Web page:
I take it either as an indicator of great insight or advancing imbecility that I no longer think of what I do as “writing” and instead think of it as “providing blank-page solutions”. I came to this conclusion after reading the advertisements in just one issue of a popular business magazine and discovering 35 of the issue’s full-page ads use the word “solutions” at least once. One used it five times in the same ad. Another used it in three different ads. Businesses have all sorts of stripes, but all seem to be selling the same thing: Solutions. But what a variety of solutions they sell!
SAS Institute sells “integrated financial management solutions”. Brio Technology sells “business intelligence solutions”. Lucent, no slacker, sells “solutions at all levels”. NTT Mobile Communications discretely offers “private solutions”. CDW is into “computing solutions”, while AppNet trumpets a “single-source solution”. Count on IBM for “technology-based solutions” and know that Big Blue promises: “The solution you want is the solution you get”, which is, after all, the only kind of solution worth talking about.
Compaq has “a better business solution”. Theirs is the “solution that’s all business”. GTE promises innovative solutions” which are probably hard to differentiate from Comdial’s “communications solutions”, and “reliable communications solutions”. If those fail, Hewlett Packard has “back-up solutions” which are no relation to (again) Compaq’s “docking solutions”.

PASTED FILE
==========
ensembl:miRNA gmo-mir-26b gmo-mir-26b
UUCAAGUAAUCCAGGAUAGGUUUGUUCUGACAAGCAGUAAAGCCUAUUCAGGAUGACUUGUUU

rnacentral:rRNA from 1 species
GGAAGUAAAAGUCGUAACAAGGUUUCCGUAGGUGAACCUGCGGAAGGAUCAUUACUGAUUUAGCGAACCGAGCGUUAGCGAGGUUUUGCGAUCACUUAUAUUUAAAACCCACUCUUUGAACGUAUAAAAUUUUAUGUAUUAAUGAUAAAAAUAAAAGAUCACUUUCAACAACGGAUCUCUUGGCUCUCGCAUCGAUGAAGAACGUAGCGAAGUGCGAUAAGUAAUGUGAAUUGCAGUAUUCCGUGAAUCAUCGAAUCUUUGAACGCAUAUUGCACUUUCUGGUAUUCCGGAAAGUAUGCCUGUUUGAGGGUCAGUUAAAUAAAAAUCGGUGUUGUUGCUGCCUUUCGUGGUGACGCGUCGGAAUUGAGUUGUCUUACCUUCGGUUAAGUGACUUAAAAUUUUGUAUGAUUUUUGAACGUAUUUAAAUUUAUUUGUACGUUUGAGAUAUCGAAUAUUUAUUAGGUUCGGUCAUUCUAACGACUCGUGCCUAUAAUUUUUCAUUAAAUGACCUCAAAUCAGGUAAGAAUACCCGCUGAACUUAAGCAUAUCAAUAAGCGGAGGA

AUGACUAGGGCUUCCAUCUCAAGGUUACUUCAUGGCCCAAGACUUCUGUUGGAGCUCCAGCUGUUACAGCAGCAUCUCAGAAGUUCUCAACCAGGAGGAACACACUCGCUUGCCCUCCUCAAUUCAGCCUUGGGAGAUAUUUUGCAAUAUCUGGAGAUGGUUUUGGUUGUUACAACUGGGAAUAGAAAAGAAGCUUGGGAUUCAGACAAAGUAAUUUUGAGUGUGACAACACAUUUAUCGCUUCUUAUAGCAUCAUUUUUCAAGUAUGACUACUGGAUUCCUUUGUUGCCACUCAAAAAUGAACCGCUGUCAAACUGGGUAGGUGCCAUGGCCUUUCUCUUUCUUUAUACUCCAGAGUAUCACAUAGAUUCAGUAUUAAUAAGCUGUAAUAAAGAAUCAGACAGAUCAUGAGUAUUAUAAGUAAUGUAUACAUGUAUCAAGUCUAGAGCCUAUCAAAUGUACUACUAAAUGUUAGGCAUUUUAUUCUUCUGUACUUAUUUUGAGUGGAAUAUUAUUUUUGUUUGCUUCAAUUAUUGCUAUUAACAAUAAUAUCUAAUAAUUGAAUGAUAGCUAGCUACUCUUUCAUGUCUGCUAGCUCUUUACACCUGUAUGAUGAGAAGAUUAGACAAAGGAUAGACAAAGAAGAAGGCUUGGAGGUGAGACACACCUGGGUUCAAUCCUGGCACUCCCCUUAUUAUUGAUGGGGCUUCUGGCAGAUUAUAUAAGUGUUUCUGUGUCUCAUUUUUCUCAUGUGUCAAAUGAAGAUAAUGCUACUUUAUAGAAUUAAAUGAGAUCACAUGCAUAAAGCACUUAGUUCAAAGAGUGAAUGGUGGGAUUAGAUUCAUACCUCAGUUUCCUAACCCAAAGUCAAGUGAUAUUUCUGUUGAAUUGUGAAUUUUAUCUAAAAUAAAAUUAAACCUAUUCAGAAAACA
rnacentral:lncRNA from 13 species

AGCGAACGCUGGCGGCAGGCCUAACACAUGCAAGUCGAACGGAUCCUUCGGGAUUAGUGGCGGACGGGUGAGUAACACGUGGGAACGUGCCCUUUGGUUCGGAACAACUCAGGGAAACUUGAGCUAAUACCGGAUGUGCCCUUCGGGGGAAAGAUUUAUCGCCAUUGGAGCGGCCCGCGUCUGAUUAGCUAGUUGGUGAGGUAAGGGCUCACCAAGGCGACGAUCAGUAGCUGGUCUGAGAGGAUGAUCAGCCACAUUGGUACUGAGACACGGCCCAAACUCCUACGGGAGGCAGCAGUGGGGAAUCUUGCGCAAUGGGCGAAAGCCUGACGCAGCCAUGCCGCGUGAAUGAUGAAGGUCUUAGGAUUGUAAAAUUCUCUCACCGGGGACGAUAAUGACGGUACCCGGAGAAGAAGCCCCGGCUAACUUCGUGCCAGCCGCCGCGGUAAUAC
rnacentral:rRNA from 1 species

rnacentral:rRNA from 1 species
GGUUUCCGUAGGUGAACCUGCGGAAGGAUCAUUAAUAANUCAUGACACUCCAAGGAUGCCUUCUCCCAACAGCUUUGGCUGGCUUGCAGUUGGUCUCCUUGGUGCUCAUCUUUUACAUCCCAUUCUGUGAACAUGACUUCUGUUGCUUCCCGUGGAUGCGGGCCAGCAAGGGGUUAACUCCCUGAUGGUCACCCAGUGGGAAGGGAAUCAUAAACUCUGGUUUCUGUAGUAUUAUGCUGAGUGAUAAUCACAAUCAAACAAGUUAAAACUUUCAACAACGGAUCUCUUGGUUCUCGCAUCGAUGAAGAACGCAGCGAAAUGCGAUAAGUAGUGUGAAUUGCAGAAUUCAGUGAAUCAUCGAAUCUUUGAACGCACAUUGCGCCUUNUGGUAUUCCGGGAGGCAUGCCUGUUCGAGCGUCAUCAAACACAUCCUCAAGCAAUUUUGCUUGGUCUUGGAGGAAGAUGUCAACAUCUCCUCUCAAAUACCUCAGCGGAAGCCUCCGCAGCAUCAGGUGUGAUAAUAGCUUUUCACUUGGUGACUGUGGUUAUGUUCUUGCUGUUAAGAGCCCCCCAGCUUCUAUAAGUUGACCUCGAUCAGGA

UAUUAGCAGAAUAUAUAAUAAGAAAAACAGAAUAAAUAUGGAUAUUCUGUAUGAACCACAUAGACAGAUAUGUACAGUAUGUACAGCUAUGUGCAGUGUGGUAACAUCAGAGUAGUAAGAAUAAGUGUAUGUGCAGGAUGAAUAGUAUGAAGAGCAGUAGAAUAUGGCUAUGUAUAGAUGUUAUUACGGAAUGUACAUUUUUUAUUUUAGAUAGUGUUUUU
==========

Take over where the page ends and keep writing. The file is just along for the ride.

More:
Sybase’s “reliable data movement solutions” are not to be confused with Digex’s “hosting solutions”, which undoubtedly rely on Intel’s “long-term solution” for your “e-business solution”, which is, in fact, a “new solution”, because no one wants to be stuck using old solutions.
Of course, everyone knows there are stand-alone solutions, but you may not know Motorola has “embedded solutions”, not necessarily synonymous with Usinternetworking’s “end-to-end solution”.
StorageTek naturally has a “storage area network solution” that pales in comparison with Texas Instruments’ “optimal solution”, which is really a “microprocessor-based solution”.
Now when I think of “solutions”, I ask myself, “Why do we need solutions?” and I answer, though not aloud, “Because we must have problems”. If you then theorise every solution addresses a problem, but also there are undoubtedly more problems than there are solutions, I think we can fairly conclude the 35 “solutions” ads point to at least 35 problems – and probably many more.
Further, it seems obvious the number of top-performing companies selling solutions means the real foundation for our vibrant economy is problems, because you certainly wouldn’t need non-problem-based solutions any more than you would need corrective lenses if your vision were 20-20.
Our problem-based economy extends far beyond the technological problems technological solutions were invented to solve. For instance, I notice the United States Postal Service now offers “shipping solutions”, which an unsophisticated person might confuse with “mail”.
I noticed, too, when my neighbours moved out (as all inevitably do), the moving company van said that the company specialised in “moving solutions”. Naturally, moving solutions were devised to address the old problem of immobility. Based on my observations, these solutions include a large truck, large men, and lots of boxes.
Now solutions have gone one linguistic step further. I heard someone the other day say he was “solutioning” something. My solution for him is duct tape, applied firmly over the mouth.
And so, there you have it: My deadline solution.
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